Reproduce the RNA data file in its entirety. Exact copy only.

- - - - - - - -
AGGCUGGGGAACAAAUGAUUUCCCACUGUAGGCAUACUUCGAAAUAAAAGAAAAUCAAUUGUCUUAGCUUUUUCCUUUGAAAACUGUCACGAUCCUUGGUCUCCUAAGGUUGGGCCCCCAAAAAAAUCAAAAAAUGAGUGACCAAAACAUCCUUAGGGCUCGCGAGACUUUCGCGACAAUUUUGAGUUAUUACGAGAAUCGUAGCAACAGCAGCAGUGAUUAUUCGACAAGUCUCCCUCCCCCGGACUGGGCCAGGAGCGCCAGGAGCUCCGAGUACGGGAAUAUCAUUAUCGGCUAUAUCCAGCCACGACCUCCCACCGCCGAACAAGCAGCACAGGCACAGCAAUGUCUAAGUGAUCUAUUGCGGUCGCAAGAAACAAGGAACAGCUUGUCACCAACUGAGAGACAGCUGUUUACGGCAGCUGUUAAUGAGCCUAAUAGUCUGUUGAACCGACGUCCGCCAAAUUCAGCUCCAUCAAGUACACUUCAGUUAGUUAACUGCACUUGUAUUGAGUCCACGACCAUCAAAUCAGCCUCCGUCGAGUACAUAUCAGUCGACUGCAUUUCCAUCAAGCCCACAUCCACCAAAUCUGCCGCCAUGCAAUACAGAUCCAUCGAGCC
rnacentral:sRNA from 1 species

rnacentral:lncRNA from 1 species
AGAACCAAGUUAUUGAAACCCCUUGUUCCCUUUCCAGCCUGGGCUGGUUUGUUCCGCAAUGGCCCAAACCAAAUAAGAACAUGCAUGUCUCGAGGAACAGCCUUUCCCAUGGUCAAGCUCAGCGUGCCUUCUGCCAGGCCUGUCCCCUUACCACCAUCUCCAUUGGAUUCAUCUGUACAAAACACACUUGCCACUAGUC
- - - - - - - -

AGGCUGGGGAACAAAUGAUUUCCCACUGUAGGCAUACUUCGAAAUAAAAGAAAAUCAAUUGUCUUAGCUUUUUCCUUUGAAAACUGUCACGAUCCUUGGUCUCCUAAGGUUGGGCCCCCAAAAAAAUCAAAAAAUGAGUGACCAAAACAUCCUUAGGGCUCGCGAGACUUUCGCGACAAUUUUGAGUUAUUACGAGAAUCGUAGCAACAGCAGCAGUGAUUAUUCGACAAGUCUCCCUCCCCCGGACUGGGCCAGGAGCGCCAGGAGCUCCGAGUACGGGAAUAUCAUUAUCGGCUAUAUCCAGCCACGACCUCCCACCGCCGAACAAGCAGCACAGGCACAGCAAUGUCUAAGUGAUCUAUUGCGGUCGCAAGAAACAAGGAACAGCUUGUCACCAACUGAGAGACAGCUGUUUACGGCAGCUGUUAAUGAGCCUAAUAGUCUGUUGAACCGACGUCCGCCAAAUUCAGCUCCAUCAAGUACACUUCAGUUAGUUAACUGCACUUGUAUUGAGUCCACGACCAUCAAAUCAGCCUCCGUCGAGUACAUAUCAGUCGACUGCAUUUCCAUCAAGCCCACAUCCACCAAAUCUGCCGCCAUGCAAUACAGAUCCAUCGAGCC
rnacentral:sRNA from 1 species

rnacentral:lncRNA from 1 species
AGAACCAAGUUAUUGAAACCCCUUGUUCCCUUUCCAGCCUGGGCUGGUUUGUUCCGCAAUGGCCCAAACCAAAUAAGAACAUGCAUGUCUCGAGGAACAGCCUUUCCCAUGGUCAAGCUCAGCGUGCCUUCUGCCAGGCCUGUCCCCUUACCACCAUCUCCAUUGGAUUCAUCUGUACAAAACACACUUGCCACUAGUC